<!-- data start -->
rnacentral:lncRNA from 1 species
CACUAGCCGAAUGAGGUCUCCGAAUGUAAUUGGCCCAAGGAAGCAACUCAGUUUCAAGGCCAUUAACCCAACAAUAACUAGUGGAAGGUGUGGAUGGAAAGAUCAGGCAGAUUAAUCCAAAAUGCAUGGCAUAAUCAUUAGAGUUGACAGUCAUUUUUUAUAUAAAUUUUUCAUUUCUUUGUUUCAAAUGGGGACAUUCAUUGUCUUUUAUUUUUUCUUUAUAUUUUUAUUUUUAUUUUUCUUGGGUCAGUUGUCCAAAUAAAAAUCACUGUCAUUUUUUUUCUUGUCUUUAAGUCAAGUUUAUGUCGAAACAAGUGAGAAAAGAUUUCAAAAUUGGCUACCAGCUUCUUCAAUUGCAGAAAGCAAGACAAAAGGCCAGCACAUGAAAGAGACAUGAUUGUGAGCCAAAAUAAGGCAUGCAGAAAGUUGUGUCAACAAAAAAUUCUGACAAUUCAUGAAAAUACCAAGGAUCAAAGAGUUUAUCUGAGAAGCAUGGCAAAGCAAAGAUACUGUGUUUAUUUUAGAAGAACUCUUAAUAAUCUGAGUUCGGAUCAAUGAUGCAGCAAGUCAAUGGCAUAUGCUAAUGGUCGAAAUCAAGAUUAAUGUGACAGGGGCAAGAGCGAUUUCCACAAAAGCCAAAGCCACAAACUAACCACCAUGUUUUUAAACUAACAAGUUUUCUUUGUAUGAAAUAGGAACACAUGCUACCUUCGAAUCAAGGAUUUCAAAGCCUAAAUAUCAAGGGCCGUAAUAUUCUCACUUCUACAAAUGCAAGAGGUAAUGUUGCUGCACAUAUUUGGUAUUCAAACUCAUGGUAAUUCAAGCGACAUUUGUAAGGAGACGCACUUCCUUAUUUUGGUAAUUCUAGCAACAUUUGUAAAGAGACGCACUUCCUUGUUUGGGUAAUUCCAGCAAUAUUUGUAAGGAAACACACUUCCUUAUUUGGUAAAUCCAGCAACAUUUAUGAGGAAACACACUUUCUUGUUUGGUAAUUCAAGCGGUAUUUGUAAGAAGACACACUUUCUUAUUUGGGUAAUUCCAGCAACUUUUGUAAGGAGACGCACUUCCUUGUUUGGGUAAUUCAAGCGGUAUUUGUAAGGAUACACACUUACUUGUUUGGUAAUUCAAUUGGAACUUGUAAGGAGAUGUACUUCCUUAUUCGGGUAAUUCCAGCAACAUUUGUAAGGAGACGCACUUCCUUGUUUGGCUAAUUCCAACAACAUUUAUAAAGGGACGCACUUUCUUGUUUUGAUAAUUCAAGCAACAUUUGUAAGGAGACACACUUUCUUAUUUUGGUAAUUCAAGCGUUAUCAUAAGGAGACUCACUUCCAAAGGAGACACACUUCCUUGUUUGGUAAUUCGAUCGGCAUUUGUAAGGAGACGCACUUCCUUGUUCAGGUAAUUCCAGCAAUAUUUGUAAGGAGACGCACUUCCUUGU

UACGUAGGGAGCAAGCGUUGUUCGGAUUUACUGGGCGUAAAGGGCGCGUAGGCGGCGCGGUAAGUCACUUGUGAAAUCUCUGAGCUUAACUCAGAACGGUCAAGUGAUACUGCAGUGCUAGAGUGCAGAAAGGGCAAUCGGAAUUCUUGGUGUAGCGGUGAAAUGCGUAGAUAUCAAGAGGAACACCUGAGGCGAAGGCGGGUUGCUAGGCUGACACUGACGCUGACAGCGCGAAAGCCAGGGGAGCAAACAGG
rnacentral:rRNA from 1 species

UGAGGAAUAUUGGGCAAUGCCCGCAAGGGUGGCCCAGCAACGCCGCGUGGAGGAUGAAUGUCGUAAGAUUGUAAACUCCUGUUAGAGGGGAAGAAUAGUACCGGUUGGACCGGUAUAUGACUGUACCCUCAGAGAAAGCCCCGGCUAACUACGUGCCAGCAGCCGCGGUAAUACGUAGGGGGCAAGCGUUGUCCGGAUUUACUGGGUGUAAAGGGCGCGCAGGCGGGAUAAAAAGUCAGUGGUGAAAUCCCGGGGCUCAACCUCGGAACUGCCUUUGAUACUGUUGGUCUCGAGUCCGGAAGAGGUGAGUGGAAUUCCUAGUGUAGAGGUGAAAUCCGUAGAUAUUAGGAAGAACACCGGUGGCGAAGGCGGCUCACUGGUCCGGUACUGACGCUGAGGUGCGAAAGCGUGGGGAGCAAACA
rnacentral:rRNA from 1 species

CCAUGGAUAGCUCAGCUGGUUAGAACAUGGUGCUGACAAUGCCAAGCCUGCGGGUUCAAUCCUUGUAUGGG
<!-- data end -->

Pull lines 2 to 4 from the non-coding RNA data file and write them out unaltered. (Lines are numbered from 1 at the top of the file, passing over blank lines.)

CACUAGCCGAAUGAGGUCUCCGAAUGUAAUUGGCCCAAGGAAGCAACUCAGUUUCAAGGCCAUUAACCCAACAAUAACUAGUGGAAGGUGUGGAUGGAAAGAUCAGGCAGAUUAAUCCAAAAUGCAUGGCAUAAUCAUUAGAGUUGACAGUCAUUUUUUAUAUAAAUUUUUCAUUUCUUUGUUUCAAAUGGGGACAUUCAUUGUCUUUUAUUUUUUCUUUAUAUUUUUAUUUUUAUUUUUCUUGGGUCAGUUGUCCAAAUAAAAAUCACUGUCAUUUUUUUUCUUGUCUUUAAGUCAAGUUUAUGUCGAAACAAGUGAGAAAAGAUUUCAAAAUUGGCUACCAGCUUCUUCAAUUGCAGAAAGCAAGACAAAAGGCCAGCACAUGAAAGAGACAUGAUUGUGAGCCAAAAUAAGGCAUGCAGAAAGUUGUGUCAACAAAAAAUUCUGACAAUUCAUGAAAAUACCAAGGAUCAAAGAGUUUAUCUGAGAAGCAUGGCAAAGCAAAGAUACUGUGUUUAUUUUAGAAGAACUCUUAAUAAUCUGAGUUCGGAUCAAUGAUGCAGCAAGUCAAUGGCAUAUGCUAAUGGUCGAAAUCAAGAUUAAUGUGACAGGGGCAAGAGCGAUUUCCACAAAAGCCAAAGCCACAAACUAACCACCAUGUUUUUAAACUAACAAGUUUUCUUUGUAUGAAAUAGGAACACAUGCUACCUUCGAAUCAAGGAUUUCAAAGCCUAAAUAUCAAGGGCCGUAAUAUUCUCACUUCUACAAAUGCAAGAGGUAAUGUUGCUGCACAUAUUUGGUAUUCAAACUCAUGGUAAUUCAAGCGACAUUUGUAAGGAGACGCACUUCCUUAUUUUGGUAAUUCUAGCAACAUUUGUAAAGAGACGCACUUCCUUGUUUGGGUAAUUCCAGCAAUAUUUGUAAGGAAACACACUUCCUUAUUUGGUAAAUCCAGCAACAUUUAUGAGGAAACACACUUUCUUGUUUGGUAAUUCAAGCGGUAUUUGUAAGAAGACACACUUUCUUAUUUGGGUAAUUCCAGCAACUUUUGUAAGGAGACGCACUUCCUUGUUUGGGUAAUUCAAGCGGUAUUUGUAAGGAUACACACUUACUUGUUUGGUAAUUCAAUUGGAACUUGUAAGGAGAUGUACUUCCUUAUUCGGGUAAUUCCAGCAACAUUUGUAAGGAGACGCACUUCCUUGUUUGGCUAAUUCCAACAACAUUUAUAAAGGGACGCACUUUCUUGUUUUGAUAAUUCAAGCAACAUUUGUAAGGAGACACACUUUCUUAUUUUGGUAAUUCAAGCGUUAUCAUAAGGAGACUCACUUCCAAAGGAGACACACUUCCUUGUUUGGUAAUUCGAUCGGCAUUUGUAAGGAGACGCACUUCCUUGUUCAGGUAAUUCCAGCAAUAUUUGUAAGGAGACGCACUUCCUUGU

UACGUAGGGAGCAAGCGUUGUUCGGAUUUACUGGGCGUAAAGGGCGCGUAGGCGGCGCGGUAAGUCACUUGUGAAAUCUCUGAGCUUAACUCAGAACGGUCAAGUGAUACUGCAGUGCUAGAGUGCAGAAAGGGCAAUCGGAAUUCUUGGUGUAGCGGUGAAAUGCGUAGAUAUCAAGAGGAACACCUGAGGCGAAGGCGGGUUGCUAGGCUGACACUGACGCUGACAGCGCGAAAGCCAGGGGAGCAAACAGG
rnacentral:rRNA from 1 species